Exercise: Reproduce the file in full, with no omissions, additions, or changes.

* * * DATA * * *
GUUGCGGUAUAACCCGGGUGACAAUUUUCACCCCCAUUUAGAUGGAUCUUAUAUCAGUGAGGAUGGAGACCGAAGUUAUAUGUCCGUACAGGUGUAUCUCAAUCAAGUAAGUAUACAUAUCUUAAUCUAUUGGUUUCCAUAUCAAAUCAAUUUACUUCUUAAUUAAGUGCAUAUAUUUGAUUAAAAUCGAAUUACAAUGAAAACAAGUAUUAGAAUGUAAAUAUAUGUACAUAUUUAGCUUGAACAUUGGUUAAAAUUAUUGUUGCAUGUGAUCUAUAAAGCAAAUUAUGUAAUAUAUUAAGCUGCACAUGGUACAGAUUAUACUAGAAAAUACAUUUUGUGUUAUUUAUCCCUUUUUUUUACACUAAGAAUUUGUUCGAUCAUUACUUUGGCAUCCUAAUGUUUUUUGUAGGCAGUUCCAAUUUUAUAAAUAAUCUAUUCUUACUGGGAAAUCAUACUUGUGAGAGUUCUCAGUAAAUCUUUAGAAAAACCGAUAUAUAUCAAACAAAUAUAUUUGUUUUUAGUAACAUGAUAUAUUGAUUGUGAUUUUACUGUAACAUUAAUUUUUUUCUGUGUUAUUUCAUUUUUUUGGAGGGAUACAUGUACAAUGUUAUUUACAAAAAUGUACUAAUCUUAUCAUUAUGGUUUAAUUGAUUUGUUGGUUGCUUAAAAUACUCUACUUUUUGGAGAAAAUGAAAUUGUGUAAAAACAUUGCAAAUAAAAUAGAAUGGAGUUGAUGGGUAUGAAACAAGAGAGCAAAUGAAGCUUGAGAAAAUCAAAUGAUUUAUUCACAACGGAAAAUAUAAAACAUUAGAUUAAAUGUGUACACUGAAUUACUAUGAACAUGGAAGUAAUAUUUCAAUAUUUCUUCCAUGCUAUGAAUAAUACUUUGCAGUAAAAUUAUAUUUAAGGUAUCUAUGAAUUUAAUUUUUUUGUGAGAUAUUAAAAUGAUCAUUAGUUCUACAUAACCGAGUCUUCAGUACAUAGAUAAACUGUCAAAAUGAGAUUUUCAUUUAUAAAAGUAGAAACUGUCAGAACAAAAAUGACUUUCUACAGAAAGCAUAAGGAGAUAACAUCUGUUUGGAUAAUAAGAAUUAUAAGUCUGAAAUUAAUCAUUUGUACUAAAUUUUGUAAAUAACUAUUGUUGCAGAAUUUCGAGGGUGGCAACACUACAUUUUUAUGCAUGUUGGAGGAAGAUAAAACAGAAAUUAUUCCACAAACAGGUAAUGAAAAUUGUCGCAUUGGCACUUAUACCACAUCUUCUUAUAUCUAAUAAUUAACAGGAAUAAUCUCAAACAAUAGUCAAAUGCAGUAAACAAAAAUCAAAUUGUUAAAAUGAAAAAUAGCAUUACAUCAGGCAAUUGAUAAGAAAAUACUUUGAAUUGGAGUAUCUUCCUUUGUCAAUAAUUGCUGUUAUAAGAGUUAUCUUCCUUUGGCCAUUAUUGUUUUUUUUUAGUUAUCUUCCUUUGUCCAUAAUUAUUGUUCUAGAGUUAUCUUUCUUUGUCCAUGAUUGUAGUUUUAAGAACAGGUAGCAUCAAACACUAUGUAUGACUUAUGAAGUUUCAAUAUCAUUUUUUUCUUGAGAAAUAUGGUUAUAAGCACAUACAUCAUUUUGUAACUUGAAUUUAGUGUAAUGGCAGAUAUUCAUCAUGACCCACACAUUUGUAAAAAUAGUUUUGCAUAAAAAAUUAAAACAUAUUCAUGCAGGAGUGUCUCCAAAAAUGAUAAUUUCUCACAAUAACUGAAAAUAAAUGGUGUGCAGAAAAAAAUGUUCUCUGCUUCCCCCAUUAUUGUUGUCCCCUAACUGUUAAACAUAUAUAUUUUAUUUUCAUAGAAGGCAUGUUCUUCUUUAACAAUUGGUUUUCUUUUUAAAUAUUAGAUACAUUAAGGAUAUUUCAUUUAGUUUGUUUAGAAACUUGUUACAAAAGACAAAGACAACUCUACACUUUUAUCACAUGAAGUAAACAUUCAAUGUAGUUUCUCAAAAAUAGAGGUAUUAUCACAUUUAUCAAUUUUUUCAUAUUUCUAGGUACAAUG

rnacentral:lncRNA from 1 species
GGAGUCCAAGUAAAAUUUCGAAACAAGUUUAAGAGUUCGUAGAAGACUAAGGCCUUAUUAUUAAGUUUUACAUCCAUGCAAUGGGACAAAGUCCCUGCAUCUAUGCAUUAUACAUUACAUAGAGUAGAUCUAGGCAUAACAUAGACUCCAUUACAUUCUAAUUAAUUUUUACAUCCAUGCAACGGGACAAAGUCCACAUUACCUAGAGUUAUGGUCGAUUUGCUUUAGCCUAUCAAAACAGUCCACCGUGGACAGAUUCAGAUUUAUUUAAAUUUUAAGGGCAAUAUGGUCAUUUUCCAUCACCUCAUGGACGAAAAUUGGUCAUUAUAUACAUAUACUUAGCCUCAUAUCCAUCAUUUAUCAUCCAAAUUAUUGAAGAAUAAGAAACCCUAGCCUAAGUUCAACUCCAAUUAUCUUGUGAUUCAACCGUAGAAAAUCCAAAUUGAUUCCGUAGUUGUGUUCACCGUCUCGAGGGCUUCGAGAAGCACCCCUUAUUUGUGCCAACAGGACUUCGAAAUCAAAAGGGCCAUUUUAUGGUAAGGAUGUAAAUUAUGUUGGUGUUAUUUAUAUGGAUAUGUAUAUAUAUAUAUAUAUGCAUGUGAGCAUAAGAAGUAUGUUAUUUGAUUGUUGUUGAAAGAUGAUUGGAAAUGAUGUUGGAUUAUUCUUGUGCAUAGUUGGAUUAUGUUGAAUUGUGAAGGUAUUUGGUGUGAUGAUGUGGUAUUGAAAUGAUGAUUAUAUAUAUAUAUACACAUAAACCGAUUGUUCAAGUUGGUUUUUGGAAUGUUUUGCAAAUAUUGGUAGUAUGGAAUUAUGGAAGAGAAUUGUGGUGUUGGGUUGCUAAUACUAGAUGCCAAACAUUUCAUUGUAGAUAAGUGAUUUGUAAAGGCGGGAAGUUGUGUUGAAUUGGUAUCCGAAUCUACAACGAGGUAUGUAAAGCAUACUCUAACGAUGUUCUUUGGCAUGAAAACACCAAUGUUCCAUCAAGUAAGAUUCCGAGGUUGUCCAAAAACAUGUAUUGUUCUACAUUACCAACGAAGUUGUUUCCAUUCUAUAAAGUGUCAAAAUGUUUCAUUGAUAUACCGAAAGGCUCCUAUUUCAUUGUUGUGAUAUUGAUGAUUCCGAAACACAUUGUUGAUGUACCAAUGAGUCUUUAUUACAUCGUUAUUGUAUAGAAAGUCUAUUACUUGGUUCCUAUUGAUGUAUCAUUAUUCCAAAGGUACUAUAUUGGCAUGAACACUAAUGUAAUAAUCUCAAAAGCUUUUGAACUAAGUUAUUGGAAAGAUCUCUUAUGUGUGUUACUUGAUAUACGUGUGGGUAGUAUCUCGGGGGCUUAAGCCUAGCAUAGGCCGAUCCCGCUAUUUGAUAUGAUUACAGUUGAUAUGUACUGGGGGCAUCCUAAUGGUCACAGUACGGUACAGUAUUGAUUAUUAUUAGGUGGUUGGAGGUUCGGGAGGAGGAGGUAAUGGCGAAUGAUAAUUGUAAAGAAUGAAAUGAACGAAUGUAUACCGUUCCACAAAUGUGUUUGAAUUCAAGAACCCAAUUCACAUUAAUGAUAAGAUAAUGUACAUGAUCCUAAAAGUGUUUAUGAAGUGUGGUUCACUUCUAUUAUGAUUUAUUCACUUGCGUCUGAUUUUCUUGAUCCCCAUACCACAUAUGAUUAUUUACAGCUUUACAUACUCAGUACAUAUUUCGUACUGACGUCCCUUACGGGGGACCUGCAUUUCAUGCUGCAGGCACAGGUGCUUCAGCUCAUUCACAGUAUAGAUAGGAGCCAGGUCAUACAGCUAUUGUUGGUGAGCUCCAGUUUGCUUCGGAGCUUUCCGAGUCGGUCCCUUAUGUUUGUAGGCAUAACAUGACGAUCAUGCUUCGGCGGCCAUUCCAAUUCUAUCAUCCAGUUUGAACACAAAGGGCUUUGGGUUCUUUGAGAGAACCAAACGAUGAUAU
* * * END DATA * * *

GUUGCGGUAUAACCCGGGUGACAAUUUUCACCCCCAUUUAGAUGGAUCUUAUAUCAGUGAGGAUGGAGACCGAAGUUAUAUGUCCGUACAGGUGUAUCUCAAUCAAGUAAGUAUACAUAUCUUAAUCUAUUGGUUUCCAUAUCAAAUCAAUUUACUUCUUAAUUAAGUGCAUAUAUUUGAUUAAAAUCGAAUUACAAUGAAAACAAGUAUUAGAAUGUAAAUAUAUGUACAUAUUUAGCUUGAACAUUGGUUAAAAUUAUUGUUGCAUGUGAUCUAUAAAGCAAAUUAUGUAAUAUAUUAAGCUGCACAUGGUACAGAUUAUACUAGAAAAUACAUUUUGUGUUAUUUAUCCCUUUUUUUUACACUAAGAAUUUGUUCGAUCAUUACUUUGGCAUCCUAAUGUUUUUUGUAGGCAGUUCCAAUUUUAUAAAUAAUCUAUUCUUACUGGGAAAUCAUACUUGUGAGAGUUCUCAGUAAAUCUUUAGAAAAACCGAUAUAUAUCAAACAAAUAUAUUUGUUUUUAGUAACAUGAUAUAUUGAUUGUGAUUUUACUGUAACAUUAAUUUUUUUCUGUGUUAUUUCAUUUUUUUGGAGGGAUACAUGUACAAUGUUAUUUACAAAAAUGUACUAAUCUUAUCAUUAUGGUUUAAUUGAUUUGUUGGUUGCUUAAAAUACUCUACUUUUUGGAGAAAAUGAAAUUGUGUAAAAACAUUGCAAAUAAAAUAGAAUGGAGUUGAUGGGUAUGAAACAAGAGAGCAAAUGAAGCUUGAGAAAAUCAAAUGAUUUAUUCACAACGGAAAAUAUAAAACAUUAGAUUAAAUGUGUACACUGAAUUACUAUGAACAUGGAAGUAAUAUUUCAAUAUUUCUUCCAUGCUAUGAAUAAUACUUUGCAGUAAAAUUAUAUUUAAGGUAUCUAUGAAUUUAAUUUUUUUGUGAGAUAUUAAAAUGAUCAUUAGUUCUACAUAACCGAGUCUUCAGUACAUAGAUAAACUGUCAAAAUGAGAUUUUCAUUUAUAAAAGUAGAAACUGUCAGAACAAAAAUGACUUUCUACAGAAAGCAUAAGGAGAUAACAUCUGUUUGGAUAAUAAGAAUUAUAAGUCUGAAAUUAAUCAUUUGUACUAAAUUUUGUAAAUAACUAUUGUUGCAGAAUUUCGAGGGUGGCAACACUACAUUUUUAUGCAUGUUGGAGGAAGAUAAAACAGAAAUUAUUCCACAAACAGGUAAUGAAAAUUGUCGCAUUGGCACUUAUACCACAUCUUCUUAUAUCUAAUAAUUAACAGGAAUAAUCUCAAACAAUAGUCAAAUGCAGUAAACAAAAAUCAAAUUGUUAAAAUGAAAAAUAGCAUUACAUCAGGCAAUUGAUAAGAAAAUACUUUGAAUUGGAGUAUCUUCCUUUGUCAAUAAUUGCUGUUAUAAGAGUUAUCUUCCUUUGGCCAUUAUUGUUUUUUUUUAGUUAUCUUCCUUUGUCCAUAAUUAUUGUUCUAGAGUUAUCUUUCUUUGUCCAUGAUUGUAGUUUUAAGAACAGGUAGCAUCAAACACUAUGUAUGACUUAUGAAGUUUCAAUAUCAUUUUUUUCUUGAGAAAUAUGGUUAUAAGCACAUACAUCAUUUUGUAACUUGAAUUUAGUGUAAUGGCAGAUAUUCAUCAUGACCCACACAUUUGUAAAAAUAGUUUUGCAUAAAAAAUUAAAACAUAUUCAUGCAGGAGUGUCUCCAAAAAUGAUAAUUUCUCACAAUAACUGAAAAUAAAUGGUGUGCAGAAAAAAAUGUUCUCUGCUUCCCCCAUUAUUGUUGUCCCCUAACUGUUAAACAUAUAUAUUUUAUUUUCAUAGAAGGCAUGUUCUUCUUUAACAAUUGGUUUUCUUUUUAAAUAUUAGAUACAUUAAGGAUAUUUCAUUUAGUUUGUUUAGAAACUUGUUACAAAAGACAAAGACAACUCUACACUUUUAUCACAUGAAGUAAACAUUCAAUGUAGUUUCUCAAAAAUAGAGGUAUUAUCACAUUUAUCAAUUUUUUCAUAUUUCUAGGUACAAUG

rnacentral:lncRNA from 1 species
GGAGUCCAAGUAAAAUUUCGAAACAAGUUUAAGAGUUCGUAGAAGACUAAGGCCUUAUUAUUAAGUUUUACAUCCAUGCAAUGGGACAAAGUCCCUGCAUCUAUGCAUUAUACAUUACAUAGAGUAGAUCUAGGCAUAACAUAGACUCCAUUACAUUCUAAUUAAUUUUUACAUCCAUGCAACGGGACAAAGUCCACAUUACCUAGAGUUAUGGUCGAUUUGCUUUAGCCUAUCAAAACAGUCCACCGUGGACAGAUUCAGAUUUAUUUAAAUUUUAAGGGCAAUAUGGUCAUUUUCCAUCACCUCAUGGACGAAAAUUGGUCAUUAUAUACAUAUACUUAGCCUCAUAUCCAUCAUUUAUCAUCCAAAUUAUUGAAGAAUAAGAAACCCUAGCCUAAGUUCAACUCCAAUUAUCUUGUGAUUCAACCGUAGAAAAUCCAAAUUGAUUCCGUAGUUGUGUUCACCGUCUCGAGGGCUUCGAGAAGCACCCCUUAUUUGUGCCAACAGGACUUCGAAAUCAAAAGGGCCAUUUUAUGGUAAGGAUGUAAAUUAUGUUGGUGUUAUUUAUAUGGAUAUGUAUAUAUAUAUAUAUAUGCAUGUGAGCAUAAGAAGUAUGUUAUUUGAUUGUUGUUGAAAGAUGAUUGGAAAUGAUGUUGGAUUAUUCUUGUGCAUAGUUGGAUUAUGUUGAAUUGUGAAGGUAUUUGGUGUGAUGAUGUGGUAUUGAAAUGAUGAUUAUAUAUAUAUAUACACAUAAACCGAUUGUUCAAGUUGGUUUUUGGAAUGUUUUGCAAAUAUUGGUAGUAUGGAAUUAUGGAAGAGAAUUGUGGUGUUGGGUUGCUAAUACUAGAUGCCAAACAUUUCAUUGUAGAUAAGUGAUUUGUAAAGGCGGGAAGUUGUGUUGAAUUGGUAUCCGAAUCUACAACGAGGUAUGUAAAGCAUACUCUAACGAUGUUCUUUGGCAUGAAAACACCAAUGUUCCAUCAAGUAAGAUUCCGAGGUUGUCCAAAAACAUGUAUUGUUCUACAUUACCAACGAAGUUGUUUCCAUUCUAUAAAGUGUCAAAAUGUUUCAUUGAUAUACCGAAAGGCUCCUAUUUCAUUGUUGUGAUAUUGAUGAUUCCGAAACACAUUGUUGAUGUACCAAUGAGUCUUUAUUACAUCGUUAUUGUAUAGAAAGUCUAUUACUUGGUUCCUAUUGAUGUAUCAUUAUUCCAAAGGUACUAUAUUGGCAUGAACACUAAUGUAAUAAUCUCAAAAGCUUUUGAACUAAGUUAUUGGAAAGAUCUCUUAUGUGUGUUACUUGAUAUACGUGUGGGUAGUAUCUCGGGGGCUUAAGCCUAGCAUAGGCCGAUCCCGCUAUUUGAUAUGAUUACAGUUGAUAUGUACUGGGGGCAUCCUAAUGGUCACAGUACGGUACAGUAUUGAUUAUUAUUAGGUGGUUGGAGGUUCGGGAGGAGGAGGUAAUGGCGAAUGAUAAUUGUAAAGAAUGAAAUGAACGAAUGUAUACCGUUCCACAAAUGUGUUUGAAUUCAAGAACCCAAUUCACAUUAAUGAUAAGAUAAUGUACAUGAUCCUAAAAGUGUUUAUGAAGUGUGGUUCACUUCUAUUAUGAUUUAUUCACUUGCGUCUGAUUUUCUUGAUCCCCAUACCACAUAUGAUUAUUUACAGCUUUACAUACUCAGUACAUAUUUCGUACUGACGUCCCUUACGGGGGACCUGCAUUUCAUGCUGCAGGCACAGGUGCUUCAGCUCAUUCACAGUAUAGAUAGGAGCCAGGUCAUACAGCUAUUGUUGGUGAGCUCCAGUUUGCUUCGGAGCUUUCCGAGUCGGUCCCUUAUGUUUGUAGGCAUAACAUGACGAUCAUGCUUCGGCGGCCAUUCCAAUUCUAUCAUCCAGUUUGAACACAAAGGGCUUUGGGUUCUUUGAGAGAACCAAACGAUGAUAU